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I’m an iPhone user, but I’m so jealous of this upcoming Pixel feature

Published Dec 25th, 2020 6:50AM EST
Pixel vs. iPhone
Image: Google

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  • Google was just awarded a design patent that indicates a Pixel phone of the future could feature a design unseen on iPhone or Galaxy S handsets.
  • Google might be working on under-display camera tech, like many other players in the industry. That should be an exciting prospect for iPhone users waiting for a similar design from Apple.
  • What sets Google’s effort apart from others are the computational photography algorithms that turned the Pixel into one of the best camera phones on the market.

I’ve often explained why I’m unlikely to move from iPhone to Android. I’m too entrenched in the Apple ecosystem, and everything “just* works.” Yes, there will be hiccups here and there, but the iPhone-Mac combo is unbeatable. It’s not just the Apple hardware. It’s the hardware and Apple software of these products and the way they’re intertwined. Not to mention all the premium apps for iPhone and/or Mac that I’d have to leave behind. Add other elements to the mix if you’ve got them, like the Apple Watch, AirPods, iPad, and Apple TV, and moving to Android is all the more difficult.

With all that in mind, iPhone, iOS, Mac, and macOS can’t evolve and stay competitive without any pressure from Google and Microsoft. The better Android and Windows hardware, and the more polished and reliable Android and Windows 10 become, the better the Apple experience will have to get. That’s why I totally love this Pixel innovation and hope Google will find a way to make it happen by Pixel 6 or 7.

Google’s Pixel has never been the iPhone variant of the Android ecosystem. Google has been a fast follower in most cases, looking for inspiration from Cupertino. The iPhone design and features were adapted year after year, even though Google would first criticize them. The headphone jack removal and the multi-lens rear cameras are some examples. Sadly, the result wasn’t a phone as good as the iPhone. Google encountered either hardware or software issues with each Pixel generation or both. Some were fixable. Some led to class action suits settlements.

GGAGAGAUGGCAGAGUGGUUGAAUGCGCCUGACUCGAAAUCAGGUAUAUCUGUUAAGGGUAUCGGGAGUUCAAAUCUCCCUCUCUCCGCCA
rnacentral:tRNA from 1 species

The Pixel 5 is a culmination of disappointments. Many praise the affordable price tag and high-end features, but the Pixel 5 isn’t the kind of phone it could have been. It’s not a flagship that can put any real pressure on Apple.

This brings us to the following images of a Pixel of Christmas future. They’re from a design patent that Google filed in mid-March 2019 with the USPTO. The agency just granted the patent to the Pixel maker in early December.

Pixel Design
From the patent: “FIG. 1 is a top, front, right perspective view of an electronic device, showing our new design.” Image source: Google via USPTO

What the images show is a device that looks a lot like the current Pixel 5. It features an all-screen display, a much better screen design choice than the awful Pixel 4. On the back, we have a dual-lens camera system, but it’s not the rear panel that interests me.